British scientists have determined bacteria living symbiotically in red poultry mites might help prevent salmonella and similar pathogens.
The mite causes blood spotting on eggs, making the eggs unfit for sale. In severe cases infested birds can develop infections caused by bacteria and viruses that can be passed on to people.
With the recent changes in regulations brought on by new threats like bird ‘flu, coupled with a growing and widespread resistance to the chemicals we use to fight poultry mites we urgently need to develop new approaches to combat these pests, said Olivier Sparagano, a Newcastle University researcher.
If somehow we could develop a method to destabilize the symbiotic bacteria that we have discovered living inside the mites ? we could develop a new control method for the chicken red mite, he said.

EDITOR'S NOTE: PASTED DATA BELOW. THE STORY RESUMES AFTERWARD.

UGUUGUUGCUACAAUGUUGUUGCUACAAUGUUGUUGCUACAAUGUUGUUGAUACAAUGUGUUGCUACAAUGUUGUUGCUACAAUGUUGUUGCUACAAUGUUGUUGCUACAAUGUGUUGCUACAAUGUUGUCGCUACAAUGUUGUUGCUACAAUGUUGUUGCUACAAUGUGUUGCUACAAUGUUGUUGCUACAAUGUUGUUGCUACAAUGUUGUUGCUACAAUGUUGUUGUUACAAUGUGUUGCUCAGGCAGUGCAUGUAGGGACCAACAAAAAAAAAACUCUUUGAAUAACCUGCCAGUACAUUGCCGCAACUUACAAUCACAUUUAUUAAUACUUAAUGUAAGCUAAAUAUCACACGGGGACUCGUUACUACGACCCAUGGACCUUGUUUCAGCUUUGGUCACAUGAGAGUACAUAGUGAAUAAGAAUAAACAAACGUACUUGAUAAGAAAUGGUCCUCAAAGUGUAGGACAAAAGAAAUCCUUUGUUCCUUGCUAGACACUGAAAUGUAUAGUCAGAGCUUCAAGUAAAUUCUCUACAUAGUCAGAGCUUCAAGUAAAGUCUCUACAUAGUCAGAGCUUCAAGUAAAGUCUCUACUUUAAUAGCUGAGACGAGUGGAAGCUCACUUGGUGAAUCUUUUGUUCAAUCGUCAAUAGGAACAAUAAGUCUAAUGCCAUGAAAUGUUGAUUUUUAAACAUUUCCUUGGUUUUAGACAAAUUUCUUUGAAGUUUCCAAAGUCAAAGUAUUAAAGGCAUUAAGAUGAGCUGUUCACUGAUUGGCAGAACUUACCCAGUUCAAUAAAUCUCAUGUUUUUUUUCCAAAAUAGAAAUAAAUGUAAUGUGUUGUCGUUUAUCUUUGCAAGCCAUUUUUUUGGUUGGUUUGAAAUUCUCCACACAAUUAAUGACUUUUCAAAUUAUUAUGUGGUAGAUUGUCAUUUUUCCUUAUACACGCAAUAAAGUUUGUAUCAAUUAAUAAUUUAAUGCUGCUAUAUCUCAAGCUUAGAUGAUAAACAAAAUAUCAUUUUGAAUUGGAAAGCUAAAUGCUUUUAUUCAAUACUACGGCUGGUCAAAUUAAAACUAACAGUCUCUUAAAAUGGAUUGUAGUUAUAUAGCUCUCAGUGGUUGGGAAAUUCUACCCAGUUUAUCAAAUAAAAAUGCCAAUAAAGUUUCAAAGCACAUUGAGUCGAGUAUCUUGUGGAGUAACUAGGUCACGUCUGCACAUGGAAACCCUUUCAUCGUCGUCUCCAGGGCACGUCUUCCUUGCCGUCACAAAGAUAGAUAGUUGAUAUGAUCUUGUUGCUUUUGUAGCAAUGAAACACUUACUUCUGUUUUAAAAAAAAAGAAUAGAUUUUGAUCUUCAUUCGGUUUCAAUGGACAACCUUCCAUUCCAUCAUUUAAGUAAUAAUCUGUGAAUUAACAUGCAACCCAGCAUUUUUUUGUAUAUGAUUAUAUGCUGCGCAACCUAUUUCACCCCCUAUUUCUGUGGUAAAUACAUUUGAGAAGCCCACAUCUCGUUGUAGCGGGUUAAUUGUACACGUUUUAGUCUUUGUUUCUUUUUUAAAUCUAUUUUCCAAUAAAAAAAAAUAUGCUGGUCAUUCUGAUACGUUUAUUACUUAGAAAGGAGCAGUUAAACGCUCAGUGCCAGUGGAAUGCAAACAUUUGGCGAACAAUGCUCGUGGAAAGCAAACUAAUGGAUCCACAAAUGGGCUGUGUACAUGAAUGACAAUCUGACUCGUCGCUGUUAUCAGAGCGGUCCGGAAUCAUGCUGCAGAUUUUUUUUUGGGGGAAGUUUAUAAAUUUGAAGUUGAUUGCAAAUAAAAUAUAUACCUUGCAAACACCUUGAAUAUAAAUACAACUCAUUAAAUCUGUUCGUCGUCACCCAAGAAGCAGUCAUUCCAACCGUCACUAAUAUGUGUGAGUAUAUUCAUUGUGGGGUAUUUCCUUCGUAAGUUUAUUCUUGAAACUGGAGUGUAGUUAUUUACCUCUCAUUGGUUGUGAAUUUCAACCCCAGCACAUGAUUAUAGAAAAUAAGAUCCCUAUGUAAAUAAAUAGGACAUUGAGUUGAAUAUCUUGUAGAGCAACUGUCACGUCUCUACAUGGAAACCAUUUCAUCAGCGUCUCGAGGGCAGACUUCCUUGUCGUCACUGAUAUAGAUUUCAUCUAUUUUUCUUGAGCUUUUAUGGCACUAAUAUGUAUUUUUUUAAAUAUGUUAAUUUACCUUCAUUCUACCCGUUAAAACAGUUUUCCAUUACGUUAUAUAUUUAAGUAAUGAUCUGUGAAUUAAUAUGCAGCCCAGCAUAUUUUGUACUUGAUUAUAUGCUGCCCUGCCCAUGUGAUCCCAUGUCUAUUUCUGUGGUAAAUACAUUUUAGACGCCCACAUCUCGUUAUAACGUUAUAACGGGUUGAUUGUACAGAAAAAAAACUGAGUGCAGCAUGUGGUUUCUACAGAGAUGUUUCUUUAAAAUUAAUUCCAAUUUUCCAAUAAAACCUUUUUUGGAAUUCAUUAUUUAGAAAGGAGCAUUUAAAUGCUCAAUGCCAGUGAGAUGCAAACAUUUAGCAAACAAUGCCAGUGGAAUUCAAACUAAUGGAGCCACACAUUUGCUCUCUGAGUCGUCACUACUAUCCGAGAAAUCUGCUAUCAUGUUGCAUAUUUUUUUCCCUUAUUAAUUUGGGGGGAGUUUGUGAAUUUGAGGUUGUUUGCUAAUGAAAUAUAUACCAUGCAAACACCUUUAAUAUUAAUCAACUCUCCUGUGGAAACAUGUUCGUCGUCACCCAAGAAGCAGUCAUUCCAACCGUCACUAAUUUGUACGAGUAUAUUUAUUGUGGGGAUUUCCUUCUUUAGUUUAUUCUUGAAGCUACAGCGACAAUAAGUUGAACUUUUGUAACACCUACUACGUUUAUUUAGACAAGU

Sparagano said such a development would create economic benefits through higher egg quality and production and fewer diseases transmitted by parasitic mites. It would also lead to better welfare for the birds, he added.
The study was presented this week at the University of Edinburgh during a meeting of the Society for General Microbiology.